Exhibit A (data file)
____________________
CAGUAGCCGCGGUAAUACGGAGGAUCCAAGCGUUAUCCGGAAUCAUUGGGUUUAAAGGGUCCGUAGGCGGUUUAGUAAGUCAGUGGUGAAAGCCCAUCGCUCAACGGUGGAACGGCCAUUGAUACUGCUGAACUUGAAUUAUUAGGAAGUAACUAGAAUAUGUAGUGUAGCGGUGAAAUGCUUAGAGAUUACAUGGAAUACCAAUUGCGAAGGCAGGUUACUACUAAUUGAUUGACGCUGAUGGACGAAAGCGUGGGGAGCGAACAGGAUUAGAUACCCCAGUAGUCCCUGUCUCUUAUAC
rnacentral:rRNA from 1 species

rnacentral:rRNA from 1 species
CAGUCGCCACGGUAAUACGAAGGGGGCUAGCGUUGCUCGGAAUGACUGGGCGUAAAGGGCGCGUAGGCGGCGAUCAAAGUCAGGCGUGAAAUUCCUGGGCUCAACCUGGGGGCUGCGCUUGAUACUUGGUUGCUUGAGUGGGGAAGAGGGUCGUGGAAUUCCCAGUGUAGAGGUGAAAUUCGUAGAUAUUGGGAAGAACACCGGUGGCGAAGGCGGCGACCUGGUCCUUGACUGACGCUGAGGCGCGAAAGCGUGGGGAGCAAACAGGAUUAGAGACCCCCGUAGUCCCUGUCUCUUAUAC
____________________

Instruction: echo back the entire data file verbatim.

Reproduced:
CAGUAGCCGCGGUAAUACGGAGGAUCCAAGCGUUAUCCGGAAUCAUUGGGUUUAAAGGGUCCGUAGGCGGUUUAGUAAGUCAGUGGUGAAAGCCCAUCGCUCAACGGUGGAACGGCCAUUGAUACUGCUGAACUUGAAUUAUUAGGAAGUAACUAGAAUAUGUAGUGUAGCGGUGAAAUGCUUAGAGAUUACAUGGAAUACCAAUUGCGAAGGCAGGUUACUACUAAUUGAUUGACGCUGAUGGACGAAAGCGUGGGGAGCGAACAGGAUUAGAUACCCCAGUAGUCCCUGUCUCUUAUAC
rnacentral:rRNA from 1 species

rnacentral:rRNA from 1 species
CAGUCGCCACGGUAAUACGAAGGGGGCUAGCGUUGCUCGGAAUGACUGGGCGUAAAGGGCGCGUAGGCGGCGAUCAAAGUCAGGCGUGAAAUUCCUGGGCUCAACCUGGGGGCUGCGCUUGAUACUUGGUUGCUUGAGUGGGGAAGAGGGUCGUGGAAUUCCCAGUGUAGAGGUGAAAUUCGUAGAUAUUGGGAAGAACACCGGUGGCGAAGGCGGCGACCUGGUCCUUGACUGACGCUGAGGCGCGAAAGCGUGGGGAGCAAACAGGAUUAGAGACCCCCGUAGUCCCUGUCUCUUAUAC